Thanks, Mom and Dad.
I am a few days away from my seventeen-year wedding anniversary.
Which is crazy. Before I met my wife, the longest romantic relationship I’d ever been in had been a few months long. Going from casually dating in college to spending most of two decades married to one person seems like an enormous leap, an evolutionary leap forward in retrospect.
And yet it works. We work. Whenever I’m around my wife, I take a deep breath in and it just feels like HOME.
My wife inspires a lot of emotions in me. Admiration, affection, arousal… so many a-words. But the one feeling that she inspires, which I never give her enough credit for, is that she makes me feel safe.
When I’m with her, I’m secure. I’m anchored. I’m on solid ground.
It’s the relationship equivalent of a trust fall. In life, if I go lunging out in any direction, I know that my wife will be there to support me. She’ll have my back, in the most figurative and literal meanings of the phrase.
The funny thing is — I was reading a recent research study and it suggests exactly WHY I gravitated towards someone like my wife. Why I instinctively sought out someone who would support me, no matter what.
The credit goes to my parents.
According to a study released in Psychological Science, it claims that men who were raised in caring, supportive homes in their childhood tended to have more secure marriages later in life. (They also showed signs of being able to manage stress and anxiety more effectively.”
The study followed individuals over SIX DECADES (wow) in order to capture how their adolescent experiences affected their relationships as they age.
Discussing the research, Robert Waldinger from Harvard Medical School, said "Our study shows that the influences of childhood experiences can be demonstrated even when people reach their 80s, predicting how happy and secure they are in their marriages as octogenarians.”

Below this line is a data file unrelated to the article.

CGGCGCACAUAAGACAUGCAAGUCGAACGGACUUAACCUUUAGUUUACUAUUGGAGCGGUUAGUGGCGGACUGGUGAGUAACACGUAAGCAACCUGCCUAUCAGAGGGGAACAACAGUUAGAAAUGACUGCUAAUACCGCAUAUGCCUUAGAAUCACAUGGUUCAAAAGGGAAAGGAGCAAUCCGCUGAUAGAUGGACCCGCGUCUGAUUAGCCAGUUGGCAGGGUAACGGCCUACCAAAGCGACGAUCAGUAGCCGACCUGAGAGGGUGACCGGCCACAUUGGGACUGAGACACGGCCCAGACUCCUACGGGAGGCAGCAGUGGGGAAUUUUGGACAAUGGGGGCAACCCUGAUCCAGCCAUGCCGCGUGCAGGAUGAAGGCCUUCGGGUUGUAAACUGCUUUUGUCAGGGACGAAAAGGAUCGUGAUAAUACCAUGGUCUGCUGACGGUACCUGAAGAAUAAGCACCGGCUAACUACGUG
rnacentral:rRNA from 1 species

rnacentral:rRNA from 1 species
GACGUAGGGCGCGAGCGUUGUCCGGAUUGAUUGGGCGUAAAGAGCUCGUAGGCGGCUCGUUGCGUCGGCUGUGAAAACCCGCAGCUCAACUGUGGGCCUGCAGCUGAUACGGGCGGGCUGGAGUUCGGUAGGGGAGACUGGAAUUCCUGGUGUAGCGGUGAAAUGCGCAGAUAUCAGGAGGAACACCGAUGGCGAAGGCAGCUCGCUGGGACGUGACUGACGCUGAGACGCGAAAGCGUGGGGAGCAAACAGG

“We found that this link occurs in part because warmer childhoods promote better emotion management and interpersonal skills at midlife, and these skills predict more secure marriages in late life."
So… yeah. The fact that my parents were pretty cool might explain why I’ve been married so long.
That’s kind of great.
Don’t get me wrong. My parents were parents, i.e. they were ridiculously embarrassing.
And I didn’t exactly have a Pollyanna upbringing. We were poor. There were some extremely hard times. And my father ended up passing away when I was ten.
But I don’t think the research is saying “people with utopian childhoods have utopian marriages.”
What it’s saying is — if you were raised in a supportive environment as a child, you are more inclined to seek out similarly supportive relationships when you get married.
To quote an article from Medical Xpress, the researchers “found that participants who had a nurturing family environment early in life were more likely to have secure attachments to their romantic partners late in life. Further analyses indicated that this association could be explained, in part, by better emotion regulation skills in midlife.”
Now, my parents weren't perfect at all, but they were ridiculously supportive.
Almost too supportive. Like there were times where they should’ve sat me down and said “Maybe you shouldn’t try out for choir” or “We can’t all be famous artists.”
But my parents weren’t big on constructive criticism. They were all about “Try everything! You’re great! We love you!”
Which, again, can be embarrassing when you’re sixteen, but when you’re pushing forty and looking back on your life, I’m mostly just grateful for the unconditional support.
I feel that same support when I look into my wife’s eyes. Maybe that’s why she feels so much like home.
So, I like this new study. It makes sense to me. It feels true.
Because my childhood gave me high expectations when it came to how I expected to be supported by my family and those heightened standards helped me find the most meaningful relationship of my life.
And, after seventeen years, we’re still going strong. How’s that for support?